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Robert Bennett v. Michael J. Astrue

August 8, 2011

ROBERT BENNETT,
PLAINTIFF,
v.
MICHAEL J. ASTRUE, COMMISSIONER, SOCIAL SECURITY ADMINISTRATION, DEFENDANT.



The opinion of the court was delivered by: Carla M. Woehrle United States Magistrate Judge

DECISION AND ORDER

The parties have consented, under 28 U.S.C. § 636(c), to the jurisdiction of the undersigned Magistrate Judge. Plaintiff seeks review of the Commissioner's denial of his consolidated applications for Supplemental Security Income. As discussed below, the court finds that the Commissioner's decision should be reversed and this matter remanded for further proceedings.

I. BACKGROUND

Plaintiff Robert Levy Bennett*fn1 was born on September 30, 1964, and was forty-five years old at the time of the supplemental administrative hearing at issue here. [Administrative Record "AR" 841.] He has a limited education, was found to be able to communicate in English, and has past relevant work as a polishing machine operator. [AR 43, 655.] Plaintiff claims disability on the basis of back, neck, and left knee impairments, sleep apnea, high blood pressure, and mental problems. [See AR 642.]

II. PROCEEDINGS IN THIS COURT

Plaintiff filed the complaint in this matter on October 18, 2010. On May 19, 2011, Defendant filed an answer and Plaintiff's Administrative Record ("AR"). On July 25, 2011, the parties filed their Joint Stipulation ("JS") identifying matters not in dispute, issues in dispute, positions of the parties, and the relief sought by each party. This matter has been taken under submission without oral argument.

III. PRIOR ADMINISTRATIVE PROCEEDINGS

Plaintiff initially applied for Supplemental Security Income ("SSI") on August 14, 2001, alleging disability since July 4, 1998. After a hearing was held and Plaintiff's application was denied on January 26, 2004, [see AR 42-48, 608-34], Plaintiff sought review in this court.*fn2 While that initial appeal was pending, Plaintiff submitted additional material to the Appeals Council and filed another application for SSI benefits and an application for Disability Insurance Benefits ("DIB").

This court then approved a stipulation of voluntary remand and remanded the matter for further proceedings. [AR 667-68.] The Appeals Council directed the ALJ to associate all outstanding applications and to issue a decision on the consolidated claims. A supplemental hearing was held on March 30, 2010, at which Plaintiff appeared with counsel and testified. [AR 1063-96.] The ALJ also received testimony from vocational expert ("VE") Jeanine Metaldi. [AR 1088-96.]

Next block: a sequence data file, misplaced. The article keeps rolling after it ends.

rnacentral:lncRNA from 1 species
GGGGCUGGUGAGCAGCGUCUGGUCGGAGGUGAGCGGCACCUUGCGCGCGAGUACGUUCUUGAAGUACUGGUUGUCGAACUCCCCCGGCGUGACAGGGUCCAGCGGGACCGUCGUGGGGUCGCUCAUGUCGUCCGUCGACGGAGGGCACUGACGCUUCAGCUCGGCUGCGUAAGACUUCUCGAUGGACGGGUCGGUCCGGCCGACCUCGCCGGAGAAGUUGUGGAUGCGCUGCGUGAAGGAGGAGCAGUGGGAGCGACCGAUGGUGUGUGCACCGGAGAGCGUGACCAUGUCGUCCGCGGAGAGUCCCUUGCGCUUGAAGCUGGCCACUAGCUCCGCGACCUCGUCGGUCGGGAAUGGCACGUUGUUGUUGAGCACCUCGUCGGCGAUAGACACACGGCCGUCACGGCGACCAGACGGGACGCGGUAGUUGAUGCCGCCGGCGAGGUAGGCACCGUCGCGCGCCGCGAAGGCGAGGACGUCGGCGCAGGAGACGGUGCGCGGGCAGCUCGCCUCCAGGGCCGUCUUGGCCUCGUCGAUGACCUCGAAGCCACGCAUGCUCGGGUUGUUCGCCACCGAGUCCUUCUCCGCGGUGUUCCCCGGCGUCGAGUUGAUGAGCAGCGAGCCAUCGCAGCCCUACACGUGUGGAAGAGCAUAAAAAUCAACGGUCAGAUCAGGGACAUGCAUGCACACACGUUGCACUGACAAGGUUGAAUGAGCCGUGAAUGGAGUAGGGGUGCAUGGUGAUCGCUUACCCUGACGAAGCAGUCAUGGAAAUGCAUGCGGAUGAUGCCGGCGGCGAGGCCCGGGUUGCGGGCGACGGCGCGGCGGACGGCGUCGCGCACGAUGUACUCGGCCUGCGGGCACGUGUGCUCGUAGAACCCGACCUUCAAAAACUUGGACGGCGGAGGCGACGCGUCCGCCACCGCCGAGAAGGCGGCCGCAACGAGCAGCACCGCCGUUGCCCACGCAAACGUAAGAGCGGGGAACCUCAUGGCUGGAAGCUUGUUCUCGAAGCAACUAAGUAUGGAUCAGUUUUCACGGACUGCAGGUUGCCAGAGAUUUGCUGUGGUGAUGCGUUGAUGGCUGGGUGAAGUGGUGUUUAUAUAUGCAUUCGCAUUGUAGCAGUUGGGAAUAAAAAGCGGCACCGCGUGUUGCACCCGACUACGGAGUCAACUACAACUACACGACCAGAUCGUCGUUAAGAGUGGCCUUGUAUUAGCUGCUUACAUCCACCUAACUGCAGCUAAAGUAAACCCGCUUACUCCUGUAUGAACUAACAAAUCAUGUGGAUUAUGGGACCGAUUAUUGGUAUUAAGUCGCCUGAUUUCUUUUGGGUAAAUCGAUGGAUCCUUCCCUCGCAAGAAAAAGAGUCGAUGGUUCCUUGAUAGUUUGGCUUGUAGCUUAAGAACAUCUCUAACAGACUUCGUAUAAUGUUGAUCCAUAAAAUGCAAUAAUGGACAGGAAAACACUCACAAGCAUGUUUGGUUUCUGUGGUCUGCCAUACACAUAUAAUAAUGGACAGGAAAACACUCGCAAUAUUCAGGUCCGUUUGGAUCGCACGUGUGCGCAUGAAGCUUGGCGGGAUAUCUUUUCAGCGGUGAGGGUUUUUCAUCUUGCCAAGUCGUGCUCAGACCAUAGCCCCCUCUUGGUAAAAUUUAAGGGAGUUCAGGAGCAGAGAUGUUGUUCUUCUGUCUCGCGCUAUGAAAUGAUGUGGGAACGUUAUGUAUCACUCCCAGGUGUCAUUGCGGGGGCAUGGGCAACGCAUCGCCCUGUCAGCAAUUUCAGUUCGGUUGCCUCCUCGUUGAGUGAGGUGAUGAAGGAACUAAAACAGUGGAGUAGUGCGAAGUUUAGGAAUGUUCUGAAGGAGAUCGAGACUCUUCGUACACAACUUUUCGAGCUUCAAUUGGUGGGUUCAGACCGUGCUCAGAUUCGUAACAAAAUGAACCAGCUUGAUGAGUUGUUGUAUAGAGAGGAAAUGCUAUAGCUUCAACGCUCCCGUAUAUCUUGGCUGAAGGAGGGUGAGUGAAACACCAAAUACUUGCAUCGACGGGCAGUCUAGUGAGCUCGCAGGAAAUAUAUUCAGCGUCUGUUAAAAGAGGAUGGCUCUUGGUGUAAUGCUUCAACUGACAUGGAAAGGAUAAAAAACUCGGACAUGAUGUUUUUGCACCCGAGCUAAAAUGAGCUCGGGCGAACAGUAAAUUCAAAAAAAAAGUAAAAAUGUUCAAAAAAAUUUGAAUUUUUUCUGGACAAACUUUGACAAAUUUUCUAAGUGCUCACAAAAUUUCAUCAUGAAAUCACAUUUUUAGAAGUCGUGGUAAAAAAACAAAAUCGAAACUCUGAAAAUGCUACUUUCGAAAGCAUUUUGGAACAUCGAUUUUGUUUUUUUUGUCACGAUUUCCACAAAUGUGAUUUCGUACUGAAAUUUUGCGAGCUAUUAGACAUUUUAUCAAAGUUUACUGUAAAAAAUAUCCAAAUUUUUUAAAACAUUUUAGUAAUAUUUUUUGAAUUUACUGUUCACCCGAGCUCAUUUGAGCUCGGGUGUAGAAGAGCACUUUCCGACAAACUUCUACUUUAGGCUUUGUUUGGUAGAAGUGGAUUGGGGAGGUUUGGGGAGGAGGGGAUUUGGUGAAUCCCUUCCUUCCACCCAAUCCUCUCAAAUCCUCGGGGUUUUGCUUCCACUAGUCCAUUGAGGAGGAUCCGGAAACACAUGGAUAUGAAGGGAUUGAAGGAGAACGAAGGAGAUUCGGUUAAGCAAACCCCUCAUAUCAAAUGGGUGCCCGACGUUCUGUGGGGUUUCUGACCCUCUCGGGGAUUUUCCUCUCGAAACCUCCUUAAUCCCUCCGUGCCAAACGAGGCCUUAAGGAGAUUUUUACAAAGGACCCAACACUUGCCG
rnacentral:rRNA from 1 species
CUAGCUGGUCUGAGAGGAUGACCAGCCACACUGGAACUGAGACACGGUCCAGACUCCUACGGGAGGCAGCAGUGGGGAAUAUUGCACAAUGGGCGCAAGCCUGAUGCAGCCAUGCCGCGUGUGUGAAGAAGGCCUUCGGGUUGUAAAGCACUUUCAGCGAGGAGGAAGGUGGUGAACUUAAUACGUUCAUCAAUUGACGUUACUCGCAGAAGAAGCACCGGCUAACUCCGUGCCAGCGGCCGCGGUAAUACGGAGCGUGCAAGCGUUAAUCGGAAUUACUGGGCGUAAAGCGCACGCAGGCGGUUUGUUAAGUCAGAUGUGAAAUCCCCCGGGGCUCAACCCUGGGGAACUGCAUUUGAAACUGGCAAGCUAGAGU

The ALJ issued a decision denying benefits on May 5, 2010. [AR 640-656.] When the Appeals Council declined to assume jurisdiction, the ALJ's decision became the Commissioner's final decision. [See AR 635A-B.] This action followed.

IV. STANDARD OF REVIEW

Under 42 U.S.C. § 405(g), a district court may review the Commissioner's decision to deny benefits. The Commissioner's (or ALJ's) findings and decision should be upheld if they are free of legal error and supported by substantial evidence. However, if the court determines that a finding is based on legal error or is not supported by substantial evidence in the record, the court may reject the finding and set aside the decision to deny benefits. See Aukland v. Massanari, 257 F.3d 1033, 1035 (9th Cir. 2001); Tonapetyan v. Halter, 242 F.3d 1144, 1147 (9th Cir. 2001); Osenbrock v. Apfel, 240 F.3d 1157, 1162 (9th Cir. 2001); Tackett v. Apfel, 180 F.3d 1094, 1097 (9th Cir. 1999); Reddick v. Chater, 157 F.3d 715, 720 (9th Cir. 1998); Smolen v. Chater, 80 F.3d 1273, 1279 (9th Cir. 1996); Moncada v. Chater, 60 F.3d 521, 523 (9th Cir. 1995)(per curiam). "Substantial evidence is more than a scintilla, but less than a preponderance." Reddick, 157 F.3d at 720. It is "relevant evidence which a reasonable person might accept as adequate to support a conclusion." Id. To determine whether substantial evidence supports a finding, a court must review the administrative record as a whole, "weighing both the evidence that supports and the evidence that detracts from the Commissioner's conclusion." Id. "If the evidence can reasonably support either affirming or reversing," the reviewing court "may not substitute its judgment" for that of the Commissioner. Reddick, 157 F.3d at 720-721; see also Osenbrock, 240 F.3d at 1162.

V. DISCUSSION

A. THE FIVE-STEP ...


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